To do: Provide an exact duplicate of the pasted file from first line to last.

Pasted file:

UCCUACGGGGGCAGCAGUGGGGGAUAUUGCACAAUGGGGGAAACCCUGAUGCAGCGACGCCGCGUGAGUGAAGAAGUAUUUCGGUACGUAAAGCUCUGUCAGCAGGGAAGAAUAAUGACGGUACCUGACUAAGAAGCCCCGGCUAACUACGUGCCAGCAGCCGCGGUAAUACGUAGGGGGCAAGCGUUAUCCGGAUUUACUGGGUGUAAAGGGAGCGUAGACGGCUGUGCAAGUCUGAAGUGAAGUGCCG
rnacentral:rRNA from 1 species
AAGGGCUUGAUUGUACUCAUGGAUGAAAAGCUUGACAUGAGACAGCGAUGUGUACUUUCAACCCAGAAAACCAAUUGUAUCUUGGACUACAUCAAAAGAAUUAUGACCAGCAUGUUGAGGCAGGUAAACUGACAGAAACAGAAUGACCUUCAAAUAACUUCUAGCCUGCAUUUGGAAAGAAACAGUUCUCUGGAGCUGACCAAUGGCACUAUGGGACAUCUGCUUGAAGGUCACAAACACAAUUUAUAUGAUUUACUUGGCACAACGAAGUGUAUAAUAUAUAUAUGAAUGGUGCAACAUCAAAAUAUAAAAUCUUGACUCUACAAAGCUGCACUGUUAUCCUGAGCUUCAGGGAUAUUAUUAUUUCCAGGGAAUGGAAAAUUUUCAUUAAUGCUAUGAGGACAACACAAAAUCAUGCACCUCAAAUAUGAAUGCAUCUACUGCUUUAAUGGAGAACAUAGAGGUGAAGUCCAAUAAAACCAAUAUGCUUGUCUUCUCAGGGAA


UCCUACGGGGGCAGCAGUGGGGGAUAUUGCACAAUGGGGGAAACCCUGAUGCAGCGACGCCGCGUGAGUGAAGAAGUAUUUCGGUACGUAAAGCUCUGUCAGCAGGGAAGAAUAAUGACGGUACCUGACUAAGAAGCCCCGGCUAACUACGUGCCAGCAGCCGCGGUAAUACGUAGGGGGCAAGCGUUAUCCGGAUUUACUGGGUGUAAAGGGAGCGUAGACGGCUGUGCAAGUCUGAAGUGAAGUGCCG
rnacentral:rRNA from 1 species
AAGGGCUUGAUUGUACUCAUGGAUGAAAAGCUUGACAUGAGACAGCGAUGUGUACUUUCAACCCAGAAAACCAAUUGUAUCUUGGACUACAUCAAAAGAAUUAUGACCAGCAUGUUGAGGCAGGUAAACUGACAGAAACAGAAUGACCUUCAAAUAACUUCUAGCCUGCAUUUGGAAAGAAACAGUUCUCUGGAGCUGACCAAUGGCACUAUGGGACAUCUGCUUGAAGGUCACAAACACAAUUUAUAUGAUUUACUUGGCACAACGAAGUGUAUAAUAUAUAUAUGAAUGGUGCAACAUCAAAAUAUAAAAUCUUGACUCUACAAAGCUGCACUGUUAUCCUGAGCUUCAGGGAUAUUAUUAUUUCCAGGGAAUGGAAAAUUUUCAUUAAUGCUAUGAGGACAACACAAAAUCAUGCACCUCAAAUAUGAAUGCAUCUACUGCUUUAAUGGAGAACAUAGAGGUGAAGUCCAAUAAAACCAAUAUGCUUGUCUUCUCAGGGAA